Saturday, December 31, 2005

Report Card: Year in Review

It's been a pleasure having the opportunity to share our market insights with all of you this past year.

We began this site with only one goal in mind: share our monomaniacal passion for the equity markets with a dedicated readership.

We receive zero compensation from the companies we cover -- we get paid in psychic currency.

That means that if we can steer you towards undervalued situations and pull you out of murky ones, or capitalize on our connections and past experiences, our job is done.

We've been getting a ton of emails asking for our performance in 2005.

We're proud to say that in 2005, we were right a lot more than we were wrong.

We decided to do what everyone else does this time of the year: review our best and worst calls.

2005 was a year in which we told you to sell PC maker Dell (DELL) long before it crashed 10 points.

We also put a sell tag on Pfizer (PFE) weeks before it began its precipitous decline. That one was a lay up -- Pfizer was bedeviled by flat growth, an anemic pipeline, heated competition at the hands of generic drug makers, and an industry-wide litigation cloud. Thank you Merck (MRK).

Also on the upside, we liked search giant Google (GOOG) so much we put a $500 target on it when it was at $330. Google now trades at $420.

Speaking of internet plays, (BIDU) fell flat on its face. After China-fevered investors snapped up shares at the IPO and bid it up to $140, we put a $60 target on the stock. The stock tanked after Piper Jaffray and Goldman Sachs confessed that BIDU was a dog, sending shares to $65. A 53% return for anyone who took our suggestion to heart.

Other winners for us included beverage maker Hansen (HANS) and aesthetic reconstruction play Cutera (CUTR).

Hansen was a home run for us. We picked the stock after reading Peter Lynch's "One Up on Wall Street." In his seminal book, Lynch urges one to pick stocks of companies they like and understand. If teenagers are all over it, he adds, buy the stock. So we tried Hansen's visible energy drink once and were instantly hooked.

At $43, shares were already expensive, but we went ahead and recommended them anyways. Hansen's explosive revenue growth fueled by a specialty drink for an underserved market was the driver we were looking for. The stock recently hit a high of $80 -- an 86% return for ye faithful.

Cutera was our vanity/Baby Boomer play -- it was a fast grower with strong demographics and a heap of analysts cheerleading behind it.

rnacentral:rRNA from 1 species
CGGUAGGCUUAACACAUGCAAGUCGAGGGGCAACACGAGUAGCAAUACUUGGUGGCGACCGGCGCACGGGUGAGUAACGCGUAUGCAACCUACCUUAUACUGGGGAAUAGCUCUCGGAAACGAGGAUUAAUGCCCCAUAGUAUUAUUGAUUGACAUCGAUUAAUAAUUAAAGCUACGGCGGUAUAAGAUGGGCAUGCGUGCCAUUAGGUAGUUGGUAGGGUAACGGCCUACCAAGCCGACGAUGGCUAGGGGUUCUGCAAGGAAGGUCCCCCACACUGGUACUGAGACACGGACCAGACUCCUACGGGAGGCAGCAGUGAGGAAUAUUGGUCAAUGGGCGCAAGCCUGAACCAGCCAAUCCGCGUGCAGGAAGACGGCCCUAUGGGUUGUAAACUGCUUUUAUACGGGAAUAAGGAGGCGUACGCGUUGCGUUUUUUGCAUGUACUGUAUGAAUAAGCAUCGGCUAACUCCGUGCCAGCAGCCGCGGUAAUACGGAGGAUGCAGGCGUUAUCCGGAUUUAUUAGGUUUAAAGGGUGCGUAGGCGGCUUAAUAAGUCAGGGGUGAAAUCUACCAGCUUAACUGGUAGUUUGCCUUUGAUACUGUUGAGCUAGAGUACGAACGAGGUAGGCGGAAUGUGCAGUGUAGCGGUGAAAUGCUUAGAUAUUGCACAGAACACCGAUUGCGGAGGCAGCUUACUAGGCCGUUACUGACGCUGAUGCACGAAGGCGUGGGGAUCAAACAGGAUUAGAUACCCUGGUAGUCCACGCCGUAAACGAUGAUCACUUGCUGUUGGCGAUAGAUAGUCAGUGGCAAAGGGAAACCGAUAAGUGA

Those two were trend-driven plays, primarily. When we see an opportunity in the market, we take it. We have no qualms about excercising a "shoot now, ask questions later" mentality, as we showed you with one of our most memorable calls -- the now infamous Darden call.

Days before Darden's (DRI) last earnings announcement, we threw an aggressive buy on the restaurant chain. Darden blew away numbers and the stock popped, translating into a 13% return in 2 days. On that pick alone, we had throngs of people in areas as far as San Francisco (we're in NY and Miami) emailing us their compliments.

Lastly, we weren't without our losers.

Biotech sweetheart Celgene (CELG) has done diddley squat since we told you to dump it because of its rich valuation and "one trick pony" status; and niche apparel retailer Urban Outfitters (URBN) didn't exactly set the world on fire or cruise past our $34 target.

We love DVD delivery king Netflix (NFLX), but by the time we initiated coverage, the party was over.

Don't forget Corning (GLW) -- we've pitched the LCD glass maker 4 times and it's still in the morgue.

Apparently, investors can't get over the fact that Corning could at any time announce an inventory glut. In addition, insiders at the 100 year old company sold shares hand over fist, which asphyxiated the stock even further.

Ditto for Home Depot (HD) -- management (including the CFO) sold blocks of stock and left the home improvement retailer's share price in the dust.

The stock market's a new ballgame every day, starting at 9:30. We thank all our readers and we look forward to your continued participation next year. Happy New Year.

Just make sure you've committed our disclaimer/terms of use to memory before you bet the ranch on one of our picks.

(Disclosure: At the time of publication, the author and/or his family held a long position in Pfizer and Home Depot).

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